Russia topped the medal table on Saturday, the penultimate day of the 2017 UCI Track Cycling World Championships presented by Tissot, in Hong Kong, winning two world titles and a bronze medal. Three other world titles were awarded, to France, Belgium and the United States.
After winning the Women’s Team Sprint on the opening day of competition, the Russian duo both appeared on the podium again for the 500 metre Time Trial. Daria Shmeleva won the gold medal with a time of 33.282 seconds, with her team mate Anastasiia Voinova taking the bronze. Miriam Welte of Germany won the silver medal.
The first ever World Championship for the Women’s Madison saw a close battle for the first half of the race between three teams – Belgium, Great Britain and Australia. Two crashes put Australia out of contention for gold or silver, but they battled back to take the bronze medal. Belgium and Great Britain were within a point of each other until the final ten kilometres, when Belgium pulled away by winning the last two sprints.
The focus then shifted to the Women’s Individual Pursuit, where American Chloe Dygert-Owen won her second world title of the Championships, after anchoring the U.S. team in their Team Pursuit victory. In qualifying, Dygert-Owen was only seven-tenths of a second off the world record, and she decisively won the final against Ashlee Ankudinoff of Australia. The 21 year old Dygert-Owen now holds five world titles – three on the track and two on the road. Dygert’s team mate, Kelly Caitlin, took the bronze.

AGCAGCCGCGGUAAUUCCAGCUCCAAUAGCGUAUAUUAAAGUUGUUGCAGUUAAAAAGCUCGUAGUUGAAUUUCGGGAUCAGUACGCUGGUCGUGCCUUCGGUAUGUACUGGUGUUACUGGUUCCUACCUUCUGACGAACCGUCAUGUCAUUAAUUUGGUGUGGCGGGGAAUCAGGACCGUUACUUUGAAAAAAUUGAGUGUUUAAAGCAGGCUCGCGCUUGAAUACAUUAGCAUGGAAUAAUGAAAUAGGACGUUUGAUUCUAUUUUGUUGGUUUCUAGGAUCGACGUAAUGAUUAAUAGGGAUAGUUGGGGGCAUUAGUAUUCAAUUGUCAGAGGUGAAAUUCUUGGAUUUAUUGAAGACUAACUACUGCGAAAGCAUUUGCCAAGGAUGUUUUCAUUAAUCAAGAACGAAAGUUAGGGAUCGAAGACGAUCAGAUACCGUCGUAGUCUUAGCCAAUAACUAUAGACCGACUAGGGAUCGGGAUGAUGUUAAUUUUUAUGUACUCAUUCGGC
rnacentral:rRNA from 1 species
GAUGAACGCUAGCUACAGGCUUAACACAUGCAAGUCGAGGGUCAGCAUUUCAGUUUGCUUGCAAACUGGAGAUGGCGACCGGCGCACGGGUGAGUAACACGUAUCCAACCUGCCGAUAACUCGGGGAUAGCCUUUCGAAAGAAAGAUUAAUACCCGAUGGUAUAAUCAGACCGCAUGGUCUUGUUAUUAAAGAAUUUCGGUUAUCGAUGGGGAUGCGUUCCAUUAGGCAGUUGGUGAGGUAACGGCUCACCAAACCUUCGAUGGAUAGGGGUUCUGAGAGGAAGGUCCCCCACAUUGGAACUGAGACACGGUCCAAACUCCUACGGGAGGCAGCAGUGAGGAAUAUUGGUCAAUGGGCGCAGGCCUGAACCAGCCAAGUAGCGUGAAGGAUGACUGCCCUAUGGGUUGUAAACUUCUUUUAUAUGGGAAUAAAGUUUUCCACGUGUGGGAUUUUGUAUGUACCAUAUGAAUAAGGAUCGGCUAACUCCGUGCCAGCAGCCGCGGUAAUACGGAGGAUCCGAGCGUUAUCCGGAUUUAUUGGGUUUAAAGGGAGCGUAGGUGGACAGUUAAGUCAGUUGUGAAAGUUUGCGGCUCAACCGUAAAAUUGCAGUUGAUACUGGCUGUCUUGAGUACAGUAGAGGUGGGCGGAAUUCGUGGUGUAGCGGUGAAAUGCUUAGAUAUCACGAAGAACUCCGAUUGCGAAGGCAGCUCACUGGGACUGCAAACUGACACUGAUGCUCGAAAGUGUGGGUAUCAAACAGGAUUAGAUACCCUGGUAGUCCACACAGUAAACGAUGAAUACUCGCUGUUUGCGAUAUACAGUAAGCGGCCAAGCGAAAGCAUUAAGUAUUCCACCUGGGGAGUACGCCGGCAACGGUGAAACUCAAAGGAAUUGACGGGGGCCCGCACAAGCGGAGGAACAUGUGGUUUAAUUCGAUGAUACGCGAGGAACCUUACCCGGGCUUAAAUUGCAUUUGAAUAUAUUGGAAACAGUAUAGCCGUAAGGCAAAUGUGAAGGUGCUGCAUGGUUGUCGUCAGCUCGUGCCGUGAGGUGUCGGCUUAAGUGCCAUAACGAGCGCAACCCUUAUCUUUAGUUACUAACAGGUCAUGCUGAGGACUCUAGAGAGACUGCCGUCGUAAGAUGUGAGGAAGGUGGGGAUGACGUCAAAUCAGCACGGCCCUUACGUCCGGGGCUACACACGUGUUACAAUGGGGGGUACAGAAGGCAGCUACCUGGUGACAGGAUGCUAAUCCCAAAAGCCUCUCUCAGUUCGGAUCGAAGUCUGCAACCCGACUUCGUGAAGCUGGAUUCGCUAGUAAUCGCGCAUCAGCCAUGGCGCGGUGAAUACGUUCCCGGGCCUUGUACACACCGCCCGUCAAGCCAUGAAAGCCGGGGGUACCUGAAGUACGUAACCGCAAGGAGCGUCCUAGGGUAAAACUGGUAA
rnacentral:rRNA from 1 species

In the four event Men’s Omnium, Spain’s Albert Torres led going into the final Points Race, but constant attacks in the Points Race from New Zealand’s Aaron Gates put Torres into difficulty, as the Kiwi rider took two laps on the field. However, Gates was closely shadowed by Benjamin Thomas of France on his second lap, and the French rider proved to be faster in the intermediate sprints. The pair went into the final double-point sprint tied at 145 points apiece, but Thomas was able to finish one spot ahead of Gates in that last sprint to take the title.
Racing concluded with the Men’s Sprint, where Russia’s Denis Dmitriev proved to be the dominant rider. Dmitriev came into the 2017 world championships with two silver medals and two bronzes in the past four years. He efficiently dispatched all rivals in straight rides, setting up a final against newcomer Harrie Lavreysen of the Netherlands. Dmitriev showed impressive power against Lavreysen to win his first title. Ethan Mitchell of New Zealand won the bronze medal